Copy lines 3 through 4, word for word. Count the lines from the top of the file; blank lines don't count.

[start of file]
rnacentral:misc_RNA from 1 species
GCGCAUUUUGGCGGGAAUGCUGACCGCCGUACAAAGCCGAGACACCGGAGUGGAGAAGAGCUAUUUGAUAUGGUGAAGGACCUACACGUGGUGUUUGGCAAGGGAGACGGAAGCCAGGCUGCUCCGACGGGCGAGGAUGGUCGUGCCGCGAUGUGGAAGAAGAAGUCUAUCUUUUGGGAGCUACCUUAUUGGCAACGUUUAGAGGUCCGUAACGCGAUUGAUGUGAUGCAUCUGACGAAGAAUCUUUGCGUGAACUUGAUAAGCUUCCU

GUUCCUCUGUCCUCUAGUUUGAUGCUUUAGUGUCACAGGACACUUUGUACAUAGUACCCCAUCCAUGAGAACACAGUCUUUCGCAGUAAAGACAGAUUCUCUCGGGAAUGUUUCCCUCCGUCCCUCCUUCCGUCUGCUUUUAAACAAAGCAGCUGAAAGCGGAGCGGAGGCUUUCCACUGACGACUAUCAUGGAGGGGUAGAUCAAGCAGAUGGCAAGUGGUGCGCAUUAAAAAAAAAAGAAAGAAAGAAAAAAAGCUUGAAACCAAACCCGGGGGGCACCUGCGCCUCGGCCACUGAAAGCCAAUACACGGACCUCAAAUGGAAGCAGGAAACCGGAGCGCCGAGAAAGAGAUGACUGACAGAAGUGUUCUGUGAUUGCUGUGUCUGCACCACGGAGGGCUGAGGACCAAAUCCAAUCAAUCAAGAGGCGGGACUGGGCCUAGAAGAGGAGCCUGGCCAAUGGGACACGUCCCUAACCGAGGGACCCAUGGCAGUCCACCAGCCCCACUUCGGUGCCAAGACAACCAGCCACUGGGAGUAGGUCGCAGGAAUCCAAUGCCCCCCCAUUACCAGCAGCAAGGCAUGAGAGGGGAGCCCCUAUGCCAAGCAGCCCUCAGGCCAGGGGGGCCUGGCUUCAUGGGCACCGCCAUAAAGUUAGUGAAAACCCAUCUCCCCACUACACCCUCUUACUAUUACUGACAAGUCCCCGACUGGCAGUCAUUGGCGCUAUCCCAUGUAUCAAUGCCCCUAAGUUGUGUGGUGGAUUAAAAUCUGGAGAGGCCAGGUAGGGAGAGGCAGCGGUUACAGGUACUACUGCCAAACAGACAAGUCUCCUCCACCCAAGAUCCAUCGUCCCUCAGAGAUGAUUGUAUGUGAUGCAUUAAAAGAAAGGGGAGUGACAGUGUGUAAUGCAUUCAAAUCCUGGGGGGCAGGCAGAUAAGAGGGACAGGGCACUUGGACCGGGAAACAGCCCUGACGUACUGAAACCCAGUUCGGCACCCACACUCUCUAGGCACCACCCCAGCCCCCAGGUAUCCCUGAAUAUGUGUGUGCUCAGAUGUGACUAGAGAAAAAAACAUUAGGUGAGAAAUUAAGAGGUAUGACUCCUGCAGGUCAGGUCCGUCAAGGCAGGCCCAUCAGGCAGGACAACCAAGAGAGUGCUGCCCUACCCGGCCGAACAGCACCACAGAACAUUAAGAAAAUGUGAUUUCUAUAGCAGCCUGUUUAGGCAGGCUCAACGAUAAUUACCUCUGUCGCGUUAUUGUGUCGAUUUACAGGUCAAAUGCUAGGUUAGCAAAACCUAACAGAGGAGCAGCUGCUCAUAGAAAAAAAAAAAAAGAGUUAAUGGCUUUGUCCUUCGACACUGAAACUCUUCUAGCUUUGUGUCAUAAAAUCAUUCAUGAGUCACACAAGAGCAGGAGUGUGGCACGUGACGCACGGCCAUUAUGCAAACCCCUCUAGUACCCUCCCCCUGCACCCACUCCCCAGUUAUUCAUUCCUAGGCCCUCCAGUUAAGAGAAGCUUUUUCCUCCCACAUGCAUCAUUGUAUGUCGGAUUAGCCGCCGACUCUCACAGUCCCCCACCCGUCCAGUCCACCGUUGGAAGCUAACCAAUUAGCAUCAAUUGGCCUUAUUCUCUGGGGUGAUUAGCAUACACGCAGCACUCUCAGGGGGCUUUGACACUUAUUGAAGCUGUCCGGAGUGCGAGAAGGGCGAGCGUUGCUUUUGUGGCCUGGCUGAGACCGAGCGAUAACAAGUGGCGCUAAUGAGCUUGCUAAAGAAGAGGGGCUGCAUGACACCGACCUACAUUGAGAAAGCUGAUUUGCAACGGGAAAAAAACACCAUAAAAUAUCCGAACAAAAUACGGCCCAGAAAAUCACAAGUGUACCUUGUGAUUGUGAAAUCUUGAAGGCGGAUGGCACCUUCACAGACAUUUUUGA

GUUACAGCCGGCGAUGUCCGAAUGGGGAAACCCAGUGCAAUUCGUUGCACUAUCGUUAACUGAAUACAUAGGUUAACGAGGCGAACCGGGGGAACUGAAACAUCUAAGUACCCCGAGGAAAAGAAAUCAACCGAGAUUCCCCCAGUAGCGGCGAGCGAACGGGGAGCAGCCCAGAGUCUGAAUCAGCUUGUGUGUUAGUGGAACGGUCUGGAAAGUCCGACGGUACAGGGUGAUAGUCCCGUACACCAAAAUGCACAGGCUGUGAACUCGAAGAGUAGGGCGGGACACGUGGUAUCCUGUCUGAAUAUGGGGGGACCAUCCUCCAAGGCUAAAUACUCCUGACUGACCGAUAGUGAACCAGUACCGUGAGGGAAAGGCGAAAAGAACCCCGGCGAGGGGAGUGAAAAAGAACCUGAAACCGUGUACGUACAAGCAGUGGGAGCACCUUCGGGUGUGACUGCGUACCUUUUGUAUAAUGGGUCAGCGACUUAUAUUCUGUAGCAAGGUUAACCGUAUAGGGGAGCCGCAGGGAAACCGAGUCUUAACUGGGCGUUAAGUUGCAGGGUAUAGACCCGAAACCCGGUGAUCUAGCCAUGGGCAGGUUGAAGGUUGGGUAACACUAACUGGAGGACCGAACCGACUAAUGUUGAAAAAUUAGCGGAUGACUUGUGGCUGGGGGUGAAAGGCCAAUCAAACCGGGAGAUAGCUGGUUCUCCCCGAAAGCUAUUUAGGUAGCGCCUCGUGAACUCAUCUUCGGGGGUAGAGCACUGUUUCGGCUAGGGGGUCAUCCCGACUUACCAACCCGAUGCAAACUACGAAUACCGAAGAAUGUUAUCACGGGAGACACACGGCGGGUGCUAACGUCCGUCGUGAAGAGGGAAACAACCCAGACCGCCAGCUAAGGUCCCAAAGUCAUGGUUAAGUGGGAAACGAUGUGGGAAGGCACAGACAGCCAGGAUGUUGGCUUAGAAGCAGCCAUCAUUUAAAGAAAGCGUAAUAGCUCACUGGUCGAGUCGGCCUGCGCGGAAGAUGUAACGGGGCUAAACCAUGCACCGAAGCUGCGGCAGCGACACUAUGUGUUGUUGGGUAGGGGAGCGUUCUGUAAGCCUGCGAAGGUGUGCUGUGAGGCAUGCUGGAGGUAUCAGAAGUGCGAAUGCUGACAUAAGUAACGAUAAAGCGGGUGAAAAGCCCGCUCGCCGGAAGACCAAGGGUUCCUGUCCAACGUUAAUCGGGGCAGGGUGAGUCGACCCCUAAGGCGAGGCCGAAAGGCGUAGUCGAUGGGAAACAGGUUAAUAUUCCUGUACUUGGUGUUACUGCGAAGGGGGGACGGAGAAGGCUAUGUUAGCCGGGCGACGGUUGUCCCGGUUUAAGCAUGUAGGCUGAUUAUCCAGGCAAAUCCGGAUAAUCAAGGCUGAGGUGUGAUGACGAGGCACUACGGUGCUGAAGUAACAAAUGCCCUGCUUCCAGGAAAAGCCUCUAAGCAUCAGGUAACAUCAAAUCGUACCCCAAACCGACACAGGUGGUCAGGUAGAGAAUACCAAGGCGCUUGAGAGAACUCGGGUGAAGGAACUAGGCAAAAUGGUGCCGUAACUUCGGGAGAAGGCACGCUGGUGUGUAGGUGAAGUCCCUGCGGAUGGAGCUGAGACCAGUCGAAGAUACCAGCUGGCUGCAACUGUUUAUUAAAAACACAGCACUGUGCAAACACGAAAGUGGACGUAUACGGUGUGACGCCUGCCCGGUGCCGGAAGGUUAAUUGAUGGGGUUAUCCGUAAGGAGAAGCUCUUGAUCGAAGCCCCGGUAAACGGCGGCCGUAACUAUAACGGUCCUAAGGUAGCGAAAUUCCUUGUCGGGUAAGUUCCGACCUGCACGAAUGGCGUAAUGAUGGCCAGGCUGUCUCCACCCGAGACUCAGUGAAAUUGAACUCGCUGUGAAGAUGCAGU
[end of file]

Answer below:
GUUCCUCUGUCCUCUAGUUUGAUGCUUUAGUGUCACAGGACACUUUGUACAUAGUACCCCAUCCAUGAGAACACAGUCUUUCGCAGUAAAGACAGAUUCUCUCGGGAAUGUUUCCCUCCGUCCCUCCUUCCGUCUGCUUUUAAACAAAGCAGCUGAAAGCGGAGCGGAGGCUUUCCACUGACGACUAUCAUGGAGGGGUAGAUCAAGCAGAUGGCAAGUGGUGCGCAUUAAAAAAAAAAGAAAGAAAGAAAAAAAGCUUGAAACCAAACCCGGGGGGCACCUGCGCCUCGGCCACUGAAAGCCAAUACACGGACCUCAAAUGGAAGCAGGAAACCGGAGCGCCGAGAAAGAGAUGACUGACAGAAGUGUUCUGUGAUUGCUGUGUCUGCACCACGGAGGGCUGAGGACCAAAUCCAAUCAAUCAAGAGGCGGGACUGGGCCUAGAAGAGGAGCCUGGCCAAUGGGACACGUCCCUAACCGAGGGACCCAUGGCAGUCCACCAGCCCCACUUCGGUGCCAAGACAACCAGCCACUGGGAGUAGGUCGCAGGAAUCCAAUGCCCCCCCAUUACCAGCAGCAAGGCAUGAGAGGGGAGCCCCUAUGCCAAGCAGCCCUCAGGCCAGGGGGGCCUGGCUUCAUGGGCACCGCCAUAAAGUUAGUGAAAACCCAUCUCCCCACUACACCCUCUUACUAUUACUGACAAGUCCCCGACUGGCAGUCAUUGGCGCUAUCCCAUGUAUCAAUGCCCCUAAGUUGUGUGGUGGAUUAAAAUCUGGAGAGGCCAGGUAGGGAGAGGCAGCGGUUACAGGUACUACUGCCAAACAGACAAGUCUCCUCCACCCAAGAUCCAUCGUCCCUCAGAGAUGAUUGUAUGUGAUGCAUUAAAAGAAAGGGGAGUGACAGUGUGUAAUGCAUUCAAAUCCUGGGGGGCAGGCAGAUAAGAGGGACAGGGCACUUGGACCGGGAAACAGCCCUGACGUACUGAAACCCAGUUCGGCACCCACACUCUCUAGGCACCACCCCAGCCCCCAGGUAUCCCUGAAUAUGUGUGUGCUCAGAUGUGACUAGAGAAAAAAACAUUAGGUGAGAAAUUAAGAGGUAUGACUCCUGCAGGUCAGGUCCGUCAAGGCAGGCCCAUCAGGCAGGACAACCAAGAGAGUGCUGCCCUACCCGGCCGAACAGCACCACAGAACAUUAAGAAAAUGUGAUUUCUAUAGCAGCCUGUUUAGGCAGGCUCAACGAUAAUUACCUCUGUCGCGUUAUUGUGUCGAUUUACAGGUCAAAUGCUAGGUUAGCAAAACCUAACAGAGGAGCAGCUGCUCAUAGAAAAAAAAAAAAAGAGUUAAUGGCUUUGUCCUUCGACACUGAAACUCUUCUAGCUUUGUGUCAUAAAAUCAUUCAUGAGUCACACAAGAGCAGGAGUGUGGCACGUGACGCACGGCCAUUAUGCAAACCCCUCUAGUACCCUCCCCCUGCACCCACUCCCCAGUUAUUCAUUCCUAGGCCCUCCAGUUAAGAGAAGCUUUUUCCUCCCACAUGCAUCAUUGUAUGUCGGAUUAGCCGCCGACUCUCACAGUCCCCCACCCGUCCAGUCCACCGUUGGAAGCUAACCAAUUAGCAUCAAUUGGCCUUAUUCUCUGGGGUGAUUAGCAUACACGCAGCACUCUCAGGGGGCUUUGACACUUAUUGAAGCUGUCCGGAGUGCGAGAAGGGCGAGCGUUGCUUUUGUGGCCUGGCUGAGACCGAGCGAUAACAAGUGGCGCUAAUGAGCUUGCUAAAGAAGAGGGGCUGCAUGACACCGACCUACAUUGAGAAAGCUGAUUUGCAACGGGAAAAAAACACCAUAAAAUAUCCGAACAAAAUACGGCCCAGAAAAUCACAAGUGUACCUUGUGAUUGUGAAAUCUUGAAGGCGGAUGGCACCUUCACAGACAUUUUUGA

GUUACAGCCGGCGAUGUCCGAAUGGGGAAACCCAGUGCAAUUCGUUGCACUAUCGUUAACUGAAUACAUAGGUUAACGAGGCGAACCGGGGGAACUGAAACAUCUAAGUACCCCGAGGAAAAGAAAUCAACCGAGAUUCCCCCAGUAGCGGCGAGCGAACGGGGAGCAGCCCAGAGUCUGAAUCAGCUUGUGUGUUAGUGGAACGGUCUGGAAAGUCCGACGGUACAGGGUGAUAGUCCCGUACACCAAAAUGCACAGGCUGUGAACUCGAAGAGUAGGGCGGGACACGUGGUAUCCUGUCUGAAUAUGGGGGGACCAUCCUCCAAGGCUAAAUACUCCUGACUGACCGAUAGUGAACCAGUACCGUGAGGGAAAGGCGAAAAGAACCCCGGCGAGGGGAGUGAAAAAGAACCUGAAACCGUGUACGUACAAGCAGUGGGAGCACCUUCGGGUGUGACUGCGUACCUUUUGUAUAAUGGGUCAGCGACUUAUAUUCUGUAGCAAGGUUAACCGUAUAGGGGAGCCGCAGGGAAACCGAGUCUUAACUGGGCGUUAAGUUGCAGGGUAUAGACCCGAAACCCGGUGAUCUAGCCAUGGGCAGGUUGAAGGUUGGGUAACACUAACUGGAGGACCGAACCGACUAAUGUUGAAAAAUUAGCGGAUGACUUGUGGCUGGGGGUGAAAGGCCAAUCAAACCGGGAGAUAGCUGGUUCUCCCCGAAAGCUAUUUAGGUAGCGCCUCGUGAACUCAUCUUCGGGGGUAGAGCACUGUUUCGGCUAGGGGGUCAUCCCGACUUACCAACCCGAUGCAAACUACGAAUACCGAAGAAUGUUAUCACGGGAGACACACGGCGGGUGCUAACGUCCGUCGUGAAGAGGGAAACAACCCAGACCGCCAGCUAAGGUCCCAAAGUCAUGGUUAAGUGGGAAACGAUGUGGGAAGGCACAGACAGCCAGGAUGUUGGCUUAGAAGCAGCCAUCAUUUAAAGAAAGCGUAAUAGCUCACUGGUCGAGUCGGCCUGCGCGGAAGAUGUAACGGGGCUAAACCAUGCACCGAAGCUGCGGCAGCGACACUAUGUGUUGUUGGGUAGGGGAGCGUUCUGUAAGCCUGCGAAGGUGUGCUGUGAGGCAUGCUGGAGGUAUCAGAAGUGCGAAUGCUGACAUAAGUAACGAUAAAGCGGGUGAAAAGCCCGCUCGCCGGAAGACCAAGGGUUCCUGUCCAACGUUAAUCGGGGCAGGGUGAGUCGACCCCUAAGGCGAGGCCGAAAGGCGUAGUCGAUGGGAAACAGGUUAAUAUUCCUGUACUUGGUGUUACUGCGAAGGGGGGACGGAGAAGGCUAUGUUAGCCGGGCGACGGUUGUCCCGGUUUAAGCAUGUAGGCUGAUUAUCCAGGCAAAUCCGGAUAAUCAAGGCUGAGGUGUGAUGACGAGGCACUACGGUGCUGAAGUAACAAAUGCCCUGCUUCCAGGAAAAGCCUCUAAGCAUCAGGUAACAUCAAAUCGUACCCCAAACCGACACAGGUGGUCAGGUAGAGAAUACCAAGGCGCUUGAGAGAACUCGGGUGAAGGAACUAGGCAAAAUGGUGCCGUAACUUCGGGAGAAGGCACGCUGGUGUGUAGGUGAAGUCCCUGCGGAUGGAGCUGAGACCAGUCGAAGAUACCAGCUGGCUGCAACUGUUUAUUAAAAACACAGCACUGUGCAAACACGAAAGUGGACGUAUACGGUGUGACGCCUGCCCGGUGCCGGAAGGUUAAUUGAUGGGGUUAUCCGUAAGGAGAAGCUCUUGAUCGAAGCCCCGGUAAACGGCGGCCGUAACUAUAACGGUCCUAAGGUAGCGAAAUUCCUUGUCGGGUAAGUUCCGACCUGCACGAAUGGCGUAAUGAUGGCCAGGCUGUCUCCACCCGAGACUCAGUGAAAUUGAACUCGCUGUGAAGAUGCAGU